This is becoming a joke in bad taste. Since the scandal of Facebook with Cambridge Analytica, where 87 million users were affected, have been reported, they have not stopped coming to light other questionable practices of Zuckerberg and his company. This week we learned that Facebook had delivered the data of its users and friends to 60 smartphone manufacturers, but that was not all since it was also confirmed that they had exchanged data with Chinese companies appointed by US intelligence.
And unfortunately, this seems like it will not end soon. Today The Wall Street Journal has found signs of secret operations, where Facebook would have sold private data of its users to various companies in the world, a practice that would have even taken place after the changes of privacy in the platform that arrived in 2015.
Royal Bank of Canada and Nissan Motor Co. among those involved
According to court documents, company officials and people familiar with this issue, these private agreements were known as “White Lists“, and in it were the names of famous companies, such as Royal Bank of Canada and Nissan Motor Co., as well as names of executives of some other companies.
These companies and people would have paid Facebook an amount of money not specified to have access to privileged information, and private, of certain groups of people and even specific profiles, through an exclusive platform that allowed a kind of unauthorized espionage.
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Among the information delivered by Facebook were phone numbers, emails, access to photos and publications regardless of whether they were in private mode, messages in Messenger and a metric called “Friend Links” (Friend Link), which served to measured the degree of closeness between users and other friends in their network.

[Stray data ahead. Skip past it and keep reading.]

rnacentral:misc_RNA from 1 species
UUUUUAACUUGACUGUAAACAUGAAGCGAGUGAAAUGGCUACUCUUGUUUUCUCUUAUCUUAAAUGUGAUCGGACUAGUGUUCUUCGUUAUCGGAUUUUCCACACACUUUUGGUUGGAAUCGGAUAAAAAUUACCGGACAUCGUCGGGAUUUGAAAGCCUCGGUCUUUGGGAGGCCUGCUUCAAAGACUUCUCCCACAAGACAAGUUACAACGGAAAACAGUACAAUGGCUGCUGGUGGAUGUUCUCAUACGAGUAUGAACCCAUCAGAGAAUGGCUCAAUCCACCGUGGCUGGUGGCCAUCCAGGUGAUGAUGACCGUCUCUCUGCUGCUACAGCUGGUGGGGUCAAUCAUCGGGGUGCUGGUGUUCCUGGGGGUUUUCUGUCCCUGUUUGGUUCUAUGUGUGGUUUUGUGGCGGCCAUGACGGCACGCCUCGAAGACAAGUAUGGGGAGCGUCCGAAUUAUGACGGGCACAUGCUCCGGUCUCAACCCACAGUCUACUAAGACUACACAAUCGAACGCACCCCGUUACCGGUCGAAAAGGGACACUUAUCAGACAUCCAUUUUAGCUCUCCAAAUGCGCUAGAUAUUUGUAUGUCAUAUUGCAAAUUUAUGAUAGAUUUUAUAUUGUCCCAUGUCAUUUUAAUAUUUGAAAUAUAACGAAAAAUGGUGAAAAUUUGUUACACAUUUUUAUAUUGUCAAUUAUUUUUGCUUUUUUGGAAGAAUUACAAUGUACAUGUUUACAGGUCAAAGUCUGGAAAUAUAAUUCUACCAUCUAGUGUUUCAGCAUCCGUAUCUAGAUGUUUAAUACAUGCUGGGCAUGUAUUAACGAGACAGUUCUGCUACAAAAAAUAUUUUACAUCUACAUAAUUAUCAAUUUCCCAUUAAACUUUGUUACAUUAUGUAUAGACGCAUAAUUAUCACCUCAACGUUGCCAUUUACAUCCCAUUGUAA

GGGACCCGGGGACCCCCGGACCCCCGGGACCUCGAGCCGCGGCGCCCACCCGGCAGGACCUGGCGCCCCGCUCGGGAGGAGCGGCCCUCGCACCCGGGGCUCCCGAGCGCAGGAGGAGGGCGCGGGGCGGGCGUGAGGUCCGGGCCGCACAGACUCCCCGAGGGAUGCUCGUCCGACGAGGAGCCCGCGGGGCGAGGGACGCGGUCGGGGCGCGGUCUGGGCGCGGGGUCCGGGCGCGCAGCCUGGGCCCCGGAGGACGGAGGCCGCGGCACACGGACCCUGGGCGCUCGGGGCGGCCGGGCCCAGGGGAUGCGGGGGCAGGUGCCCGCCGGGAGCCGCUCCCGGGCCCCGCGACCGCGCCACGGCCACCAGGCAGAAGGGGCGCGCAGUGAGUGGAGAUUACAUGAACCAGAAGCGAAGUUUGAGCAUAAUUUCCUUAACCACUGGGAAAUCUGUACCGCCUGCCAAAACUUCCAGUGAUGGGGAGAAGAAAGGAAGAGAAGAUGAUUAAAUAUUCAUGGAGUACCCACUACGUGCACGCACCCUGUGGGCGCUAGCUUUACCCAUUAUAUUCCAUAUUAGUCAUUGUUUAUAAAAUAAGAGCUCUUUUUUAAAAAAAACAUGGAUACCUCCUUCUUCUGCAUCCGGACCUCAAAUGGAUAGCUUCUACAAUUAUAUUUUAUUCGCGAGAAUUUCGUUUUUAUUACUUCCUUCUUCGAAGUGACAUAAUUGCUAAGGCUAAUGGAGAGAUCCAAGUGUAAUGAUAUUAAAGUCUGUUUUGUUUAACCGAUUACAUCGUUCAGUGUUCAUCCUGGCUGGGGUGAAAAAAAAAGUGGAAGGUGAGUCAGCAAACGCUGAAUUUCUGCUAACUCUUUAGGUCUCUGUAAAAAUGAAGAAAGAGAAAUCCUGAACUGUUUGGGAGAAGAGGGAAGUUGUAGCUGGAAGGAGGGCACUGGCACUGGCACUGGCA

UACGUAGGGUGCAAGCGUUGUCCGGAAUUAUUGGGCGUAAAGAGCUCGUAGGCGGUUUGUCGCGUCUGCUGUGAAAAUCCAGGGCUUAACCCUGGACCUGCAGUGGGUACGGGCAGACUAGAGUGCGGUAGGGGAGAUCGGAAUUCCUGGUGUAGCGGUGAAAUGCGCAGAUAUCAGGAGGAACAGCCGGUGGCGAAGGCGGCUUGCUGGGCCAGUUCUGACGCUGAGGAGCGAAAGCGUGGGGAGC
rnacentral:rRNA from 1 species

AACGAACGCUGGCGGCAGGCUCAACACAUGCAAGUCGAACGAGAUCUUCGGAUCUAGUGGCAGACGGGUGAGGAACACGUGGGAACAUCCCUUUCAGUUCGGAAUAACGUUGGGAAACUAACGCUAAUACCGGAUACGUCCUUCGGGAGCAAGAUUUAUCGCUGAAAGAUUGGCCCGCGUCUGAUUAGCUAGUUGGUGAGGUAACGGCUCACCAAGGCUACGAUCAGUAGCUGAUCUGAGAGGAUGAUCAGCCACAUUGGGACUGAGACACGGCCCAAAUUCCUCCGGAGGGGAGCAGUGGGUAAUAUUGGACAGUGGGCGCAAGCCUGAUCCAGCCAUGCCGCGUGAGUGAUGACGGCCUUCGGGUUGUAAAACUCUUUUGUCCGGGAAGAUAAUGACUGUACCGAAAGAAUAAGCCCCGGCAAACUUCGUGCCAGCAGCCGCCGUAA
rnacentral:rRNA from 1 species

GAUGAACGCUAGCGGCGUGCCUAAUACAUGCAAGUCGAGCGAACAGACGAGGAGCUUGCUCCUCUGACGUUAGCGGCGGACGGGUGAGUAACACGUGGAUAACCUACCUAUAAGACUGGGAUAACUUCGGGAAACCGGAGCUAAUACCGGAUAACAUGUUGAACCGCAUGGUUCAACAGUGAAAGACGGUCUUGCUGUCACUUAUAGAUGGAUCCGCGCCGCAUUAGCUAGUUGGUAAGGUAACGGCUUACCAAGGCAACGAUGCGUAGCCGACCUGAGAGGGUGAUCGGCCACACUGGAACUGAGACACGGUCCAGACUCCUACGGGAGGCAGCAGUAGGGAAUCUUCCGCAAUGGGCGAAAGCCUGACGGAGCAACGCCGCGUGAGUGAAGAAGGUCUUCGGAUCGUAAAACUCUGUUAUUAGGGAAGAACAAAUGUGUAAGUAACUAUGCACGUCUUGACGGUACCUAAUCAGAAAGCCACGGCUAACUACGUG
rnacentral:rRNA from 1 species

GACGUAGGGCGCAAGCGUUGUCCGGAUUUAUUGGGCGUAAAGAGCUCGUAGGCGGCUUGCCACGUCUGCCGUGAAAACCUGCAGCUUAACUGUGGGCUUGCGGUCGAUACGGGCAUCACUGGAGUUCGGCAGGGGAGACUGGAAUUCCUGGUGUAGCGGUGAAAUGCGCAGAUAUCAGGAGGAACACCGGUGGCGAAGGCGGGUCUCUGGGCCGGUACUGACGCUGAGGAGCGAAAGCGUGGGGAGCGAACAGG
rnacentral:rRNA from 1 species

Most worrying of all, the information indicates that the developers who managed to access this private monitoring platform, or espionage, were unaware that it was a secret agreement between companies and Facebook, which was limited only to certain partners.
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As we already knew, Facebook exchanged data with a large number of smartphone manufacturers, and this prompted some lawmakers to propose a new investigation to Zuckerberg. But now with this, we realize that Facebook gave privileged access to data to a greater number of companies than was previously known. In case it is confirmed, this would pose a frightening scenario because right now we do not know who has access to the data of millions of Facebook users and why they have it.
David Vladeck, who was director of the Consumer Protection Office of the Federal Trade Commission and is now a professor at Georgetown, mentioned that no one is able to understand the seriousness of this.
“These private negotiations could violate the 2012 agreement the company had with the FTC, where Facebook is asked to have permission to share information beyond what users designate as public on the site”.
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